[R] Nonnormal Residuals and GAMs
s.wood at bath.ac.uk
Thu Nov 7 20:06:12 CET 2013
If you use GCV smoothness selection then, in the Gaussian case, the key
assumptions are constant variance and independence. As with linear
modelling, the normality assumption only comes in when you want to find
confidence intervals or p-values. (The GM Thm does not require normality
btw. but I don't know if it has a penalized analogue).
With REML smoothness selection it's less clear (at least to me).
Beyond Gaussian the situation is much as it is with GLMs. The key
assumptions are independence and that the mean variance relationship is
correct. The theory of quasi-likelihood tells you that you can make
valid inference based only on specifying the mean-variance relationship
for the response, rather than the whole distribution, with the price
being a small loss of efficiency. It follows that getting the
distribution exactly right is of secondary importance.
It's also quite easy to be misled by normal qq plots of the deviance
residuals when you have low count data. For example, section 4 of
shows a real example where the usual qq plots look awful, suggesting
massive zero inflation, but if you compute the correct reference
quantiles for the qq plot you find that there is nothing wrong and no
evidence of zero inflation.
ps. in response to the follow up discussion: The default link depends on
the family, rather than being a gam (or glm) default. Eg the default is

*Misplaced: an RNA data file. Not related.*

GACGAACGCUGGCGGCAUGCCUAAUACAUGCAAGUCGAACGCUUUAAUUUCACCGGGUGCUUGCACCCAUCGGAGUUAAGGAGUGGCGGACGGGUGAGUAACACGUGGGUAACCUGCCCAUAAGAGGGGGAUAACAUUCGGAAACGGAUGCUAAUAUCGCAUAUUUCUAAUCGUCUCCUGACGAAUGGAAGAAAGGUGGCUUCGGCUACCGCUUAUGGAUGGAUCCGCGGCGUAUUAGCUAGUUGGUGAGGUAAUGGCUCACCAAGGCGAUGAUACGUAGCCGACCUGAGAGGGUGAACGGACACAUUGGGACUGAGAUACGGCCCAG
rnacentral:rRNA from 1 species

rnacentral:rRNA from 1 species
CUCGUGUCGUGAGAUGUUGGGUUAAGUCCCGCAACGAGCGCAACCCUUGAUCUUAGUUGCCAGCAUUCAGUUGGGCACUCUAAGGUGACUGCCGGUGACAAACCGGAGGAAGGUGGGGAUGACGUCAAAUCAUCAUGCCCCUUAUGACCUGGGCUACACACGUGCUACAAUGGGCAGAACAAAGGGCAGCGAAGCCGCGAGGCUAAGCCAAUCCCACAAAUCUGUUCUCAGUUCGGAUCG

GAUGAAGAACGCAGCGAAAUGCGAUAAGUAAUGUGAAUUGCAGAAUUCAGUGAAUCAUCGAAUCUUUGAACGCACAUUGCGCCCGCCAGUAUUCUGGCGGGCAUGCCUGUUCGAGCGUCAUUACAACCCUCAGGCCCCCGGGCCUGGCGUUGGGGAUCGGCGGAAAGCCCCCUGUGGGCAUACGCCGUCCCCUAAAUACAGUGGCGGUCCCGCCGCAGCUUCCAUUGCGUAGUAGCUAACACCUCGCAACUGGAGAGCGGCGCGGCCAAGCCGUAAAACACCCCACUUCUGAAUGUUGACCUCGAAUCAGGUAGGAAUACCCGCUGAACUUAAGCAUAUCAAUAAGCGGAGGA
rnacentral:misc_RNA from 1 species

log for the Poisson, but identity for the Gaussian.
On 06/11/13 21:46, Collin Lynch wrote:
> Greetings, My question is more algorithmic than prectical. What I am
> trying to determine is, are the GAM algorithms used in the mgcv package
> affected by nonnormally-distributed residuals?
> As I understand the theory of linear models the Gauss-Markov theorem
> guarantees that least-squares regression is optimal over all unbiased
> estimators iff the data meet the conditions linearity, homoscedasticity,
> independence, and normally-distributed residuals. Absent the last
> requirement it is optimal but only over unbiased linear estimators.
> What I am trying to determine is whether or not it is necessary to check
> for normally-distributed errors in a GAM from mgcv. I know that the
> unsmoothed terms, if any, will be fitted by ordinary least-squares but I
> am unsure whether the default Penalized Iteratively Reweighted Least
> Squares method used in the package is also based upon this assumption or
> falls under any analogue to the Gauss-Markov Theorem.
> Thank you in advance for any help.
> Collin Lynch.
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> and provide commented, minimal, self-contained, reproducible code.
Simon Wood, Mathematical Science, University of Bath BA2 7AY UK
+44 (0)1225 386603 http://people.bath.ac.uk/sw283
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